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In categorization of users I have seen two different categorizations:

First one:

  • End user
  • DBA
  • DBP

and Second one:

  • End user
  • DBA
  • DA

What's the difference between DA and DBA ?

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1  
I've never heard about DA? –  jrara Oct 10 '11 at 18:18
2  
DA = Data Analyst? –  Shawn Melton Oct 10 '11 at 18:21
3  
DBP? Data base professional? –  gbn Oct 10 '11 at 18:53
    
@ShawnMelton: could be Data Architect? Maybe :-). PS: user16948 - whatever you've been told.. DBAs rule :p! –  Marian Oct 10 '11 at 19:12
    
DA = Data Administrator –  blunders Oct 10 '11 at 21:19
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2 Answers

up vote 7 down vote accepted

According to this and that, a DA is a Data Administrator. The DA is a buisness oriented individual more involved in requirements gathering, analysis, and design than the DBA. They establish the flow of data around the organization and between databases and other systems. Here is a section from the second site:

Database Administration

Any reasonably sized organization that relies on a database for its business processes will probably have a Database Administrator or DBA.

The DBA is responsible for:

  • Installing and configuring the DBMS
  • Assisting in the implementation of information systems
  • Monitoring the performance of the database and tuning the DBMS for optimal performance Maintaining documentation including recording all changes to the database and DBMS.
  • Ensuring data integrity is maintained and appropriate backups are made.

Thus a DBA is mainly concerned with the day to day operational aspects of database systems.

Data Administration

Many organizations, in addition to DBAs, will also have a Data Administrator. DAs are concerned with the data needs and data flows throughout the entire organization. Thus DAs are responsible for:

  • Specifying data standards across databases
  • Establishing policies: data usage, security and authorization, data flows into and out of the organization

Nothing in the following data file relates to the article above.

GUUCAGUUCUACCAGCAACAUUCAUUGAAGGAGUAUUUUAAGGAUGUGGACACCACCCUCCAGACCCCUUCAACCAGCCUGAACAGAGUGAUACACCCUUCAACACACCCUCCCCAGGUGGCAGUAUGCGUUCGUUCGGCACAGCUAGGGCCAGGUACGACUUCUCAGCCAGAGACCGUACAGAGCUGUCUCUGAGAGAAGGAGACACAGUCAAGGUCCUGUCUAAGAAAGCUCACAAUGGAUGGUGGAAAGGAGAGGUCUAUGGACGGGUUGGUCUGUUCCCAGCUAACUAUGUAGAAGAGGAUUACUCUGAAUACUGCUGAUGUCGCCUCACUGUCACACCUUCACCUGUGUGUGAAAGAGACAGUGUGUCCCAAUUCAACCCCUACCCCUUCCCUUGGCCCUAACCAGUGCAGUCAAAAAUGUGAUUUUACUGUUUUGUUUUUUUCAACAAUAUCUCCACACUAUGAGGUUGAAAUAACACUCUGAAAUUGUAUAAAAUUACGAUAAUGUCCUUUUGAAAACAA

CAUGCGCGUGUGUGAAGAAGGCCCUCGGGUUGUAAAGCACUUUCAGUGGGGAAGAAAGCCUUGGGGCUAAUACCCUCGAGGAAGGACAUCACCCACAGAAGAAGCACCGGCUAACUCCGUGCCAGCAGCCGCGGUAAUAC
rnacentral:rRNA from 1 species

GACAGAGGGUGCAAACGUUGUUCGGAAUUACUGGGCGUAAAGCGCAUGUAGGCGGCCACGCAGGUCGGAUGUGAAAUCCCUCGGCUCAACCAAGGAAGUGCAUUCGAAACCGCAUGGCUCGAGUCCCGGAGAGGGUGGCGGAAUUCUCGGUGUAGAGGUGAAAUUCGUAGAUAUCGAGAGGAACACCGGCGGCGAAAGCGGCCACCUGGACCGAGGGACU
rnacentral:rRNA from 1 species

• Assisting the application development process by identifying data resources in the organization
  • Arbitrating the sharing of data across departments
  • Increasing the return on an organization's data investment
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Looks like you're defining Data Administrator a lot better in your answer than in mine. +1 !!! BTW I liked the this and that links you supplied. –  RolandoMySQLDBA Oct 10 '11 at 22:24
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My previous employer had MySQL Administrators and Data Administrators (DA).

While a MySQL Administrator was just another term for an operational DBA whose specialty was MySQL and performed the grunt work of making sure MySQL was up and running and just cared about data throughput, the DA was responsible for checking the cohesiveness and integrity of datasets from a logical standpoint.

For all intents and purposes, the terms Data Administrator and Data Analyst could be used interchanegably as the DA. Historically, a Data Analyst may have specific duties in terms of laying out ER Diagrams, Data Flow Charts, and things like these. The term Data Administrator may be somewhat newer and thus less defined.

The role of the DA differentiates itself from DBAs, who may be playing the role of both operational DBA and DA.

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